An effort by Anglican clergymen of Oxford University between 1833 and 1845 to renew the Church of England by a revival of Catholic doctrine and practice. The following phases of the movement are discernible: (1) rise and progress (1833–39), (2) crisis (1839–41), (3) Tract 90 and its aftermath (1841–45), and (4) the period after Newman.
Background. The Church of England (see anglicanism) emerged from the Reformation as an amalgamation of Catholic and Protestant doctrine and practice. These two disparate elements were welded together in the interest of national unity, mainly during the reign of Elizabeth I. The Catholic tradition, or high church element, triumphed over the Protestant element during the period of such famous Anglo-Catholic divines as Lancelot andrewes and William laud. The revolution of 1688 enabled the Protestant party to gain the ascendancy. latitudinarianism, which minimized doctrine, represented a third party.
By 1800 the English Church greatly needed reform. With its deep internal divisions, worldly prelates, and ineffectual clergy, however, it was hardly prepared to undertake this task itself. Hence it was faced with the prospect of having unwelcome reforms imposed upon it by secularist and liberal members of Parliament. The first such reform occurred in 1833 when ten Anglican bishoprics were suppressed in Ireland. To many loyal churchmen this was an omen of more drastic changes, perhaps even of disestablishment.
Rise and Progress (1833–39). A fear of such drastic moves motivated John keble's sermon entitled "National Apostasy" (July 14, 1833), which John Henry newman considered the beginning of the Oxford Movement. The sermon was followed by a meeting held from July 25 to July 29 at Hadleigh, Suffolk, attended by a number of prominent clergymen, including Hugh Rose, William Palmer, and Richard Hurrell froude. They decided to organize a defense of the Church through the formation of committees and the issuance of joint manifestoes.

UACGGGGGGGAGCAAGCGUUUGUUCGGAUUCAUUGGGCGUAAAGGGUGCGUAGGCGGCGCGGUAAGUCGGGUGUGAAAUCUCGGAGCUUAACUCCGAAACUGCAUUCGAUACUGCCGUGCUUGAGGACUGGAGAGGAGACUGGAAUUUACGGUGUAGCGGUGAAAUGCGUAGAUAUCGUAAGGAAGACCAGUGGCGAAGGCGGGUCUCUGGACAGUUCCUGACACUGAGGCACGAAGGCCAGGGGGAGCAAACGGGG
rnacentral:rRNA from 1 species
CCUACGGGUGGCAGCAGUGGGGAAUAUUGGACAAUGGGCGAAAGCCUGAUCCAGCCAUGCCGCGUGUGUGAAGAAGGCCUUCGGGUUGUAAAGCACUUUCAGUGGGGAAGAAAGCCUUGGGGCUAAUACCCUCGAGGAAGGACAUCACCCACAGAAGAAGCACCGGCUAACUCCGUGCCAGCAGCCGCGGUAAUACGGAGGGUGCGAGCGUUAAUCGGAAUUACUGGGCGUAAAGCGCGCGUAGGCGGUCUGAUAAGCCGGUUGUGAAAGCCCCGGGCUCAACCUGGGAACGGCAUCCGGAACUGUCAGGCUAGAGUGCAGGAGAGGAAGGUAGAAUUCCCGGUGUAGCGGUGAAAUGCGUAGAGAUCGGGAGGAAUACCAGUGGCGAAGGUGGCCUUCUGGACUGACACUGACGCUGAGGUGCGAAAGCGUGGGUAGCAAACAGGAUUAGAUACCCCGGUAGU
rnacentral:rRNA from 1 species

Newman, Keble, and Froude, however, believed that the only true remedy for the evil condition of the Church lay in a theological and spiritual renewal. They held that the Catholic heritage of the Book of common prayer and of the 17th-century divines had to be recovered. The English Church had to reaffirm her commitment to the almost forgotten Catholic truths, namely: she held divine authority as part of God's visible kingdom; her sacraments were indispensable channels of grace; and her bishops were successors of the Apostles. This message they decided to communicate to the clergy in brief pamphlets, subsequently named Tracts for the Times, an expedient originated by Newman, who wrote the first one (see tractarianism).
Keble, "the true and primary author" of the movement according to Newman, was a gentle poet and scholarly pastor who had imbibed the Catholic tradition in his father's rectory. Froude, an ardent disciple of Keble, burned with an impatient zeal to restore the Church of England to its medieval spiritual power. Newman, a bold, searching thinker, was a patristic scholar who had moved from an Evangelical to a Catholic position through his reading and personal contacts at Oxford, especially his friendship with Froude and Keble.
One of the first important conquests of the movement occurred at the end of 1833 when Edward B. pusey
signed his initials to Tract 18. Regius professor of Hebrew, canon of Christ Church, and an aristocrat with friends in high places, he already enjoyed a reputation for great learning and holiness. His adherence to the cause was of invaluable assistance in establishing the movement as a serious contender for influence in the Church.
Newman, with his natural gifts, his acute, sensitive mind, his great capacity for friendship, and his insight into the minds of others, was destined to be the movement's natural leader. It was a leadership he exercised in many ways. His sermons at St. Mary's, Oxford, where he was vicar, were a powerful means of attracting many to the movement's ideals. Published as Parochial and Plain Sermons (1834–42), they reveal the essence of the Oxford reformation, its unworldliness, uncompromising quest for holiness, and unflinching asceticism. The sermons' psychological penetration, scriptural wisdom, and matchless beauty of language have made them enduring masterpieces.